“We conclude that even though survey evidence for stated preferences indicates that free speech is a luxury good, regimes which increase freedom of speech (on average) simultaneously raise the subjective wellbeing of more marginalised members of society relative to those with greater resources.”

Arthur Grimes says free speech enables lower income people to express their views through ordinary conversations, writing letters, going to their union boss, or organising protests, which they could not do if free speech were restricted.

The report stresses subjective wellbeing rather than objective economic progress. There have been many suggestions that democracy is good for the economy because it empowers people at all levels of society to come up with entrepreneurial ideas which were previously reserved for the upper class. Similar arguments have been proposed for the empowerment of women since it frees up half the population to make economic progress.

But Grimes says economic results are not the main thrust of the research.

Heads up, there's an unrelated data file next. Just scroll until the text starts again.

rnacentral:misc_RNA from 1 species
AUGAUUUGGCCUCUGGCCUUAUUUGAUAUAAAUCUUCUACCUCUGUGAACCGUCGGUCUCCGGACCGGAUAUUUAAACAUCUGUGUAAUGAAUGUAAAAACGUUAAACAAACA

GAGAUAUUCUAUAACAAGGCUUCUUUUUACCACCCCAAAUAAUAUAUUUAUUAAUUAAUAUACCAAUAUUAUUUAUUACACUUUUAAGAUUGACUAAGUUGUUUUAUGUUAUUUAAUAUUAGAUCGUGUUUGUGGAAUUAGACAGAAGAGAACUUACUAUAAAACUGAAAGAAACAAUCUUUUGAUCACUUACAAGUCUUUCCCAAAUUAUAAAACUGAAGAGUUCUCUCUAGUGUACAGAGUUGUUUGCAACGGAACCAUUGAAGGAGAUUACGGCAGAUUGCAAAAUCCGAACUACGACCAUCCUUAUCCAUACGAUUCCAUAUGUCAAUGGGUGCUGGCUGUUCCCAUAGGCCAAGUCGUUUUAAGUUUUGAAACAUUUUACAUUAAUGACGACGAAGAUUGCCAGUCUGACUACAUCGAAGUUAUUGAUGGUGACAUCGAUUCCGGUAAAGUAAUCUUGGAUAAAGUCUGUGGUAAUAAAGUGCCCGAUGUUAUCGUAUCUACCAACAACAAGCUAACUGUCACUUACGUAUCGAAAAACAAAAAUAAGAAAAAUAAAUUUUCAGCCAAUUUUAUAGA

"There is not a lot of evidence that free speech and human rights have a huge effect on economic performance,” Grimes says.

“Economic freedoms such as reduced regulations tend to have quite a major impact on growth and the level of incomes in an economy, but there is much less evidence that free speech itself has economic outcomes.”

He concedes that free speech might allow someone to express a bright new idea that helps an economy, but equally, it might not.

“But there is an intrinsic benefit to having free speech that might lead to having benefits that people otherwise would not have to improve the quality of their lives.”

The article by Grimes and his team has been published at a time when debate is rumbling on about hate speech. Legislation to curb this problem appears to have stalled, due to worries about definitions and workability.

Grimes suggests there is an issue to be faced up to here.

“Even countries with the greatest levels of free speech still have curbs on some forms of hate speech, or speech advocating treason or terrorism, so there are always going to be some curbs even in an almost entirely free-speech country.

“I think what this evidence suggests is that we should err on the side of caution before we start restricting things. It is better to be open than to go the other way and say, let's restrict this just in case.

“So I would be on the side of those who say let's be very careful and very cautious before we start introducing new restrictions.”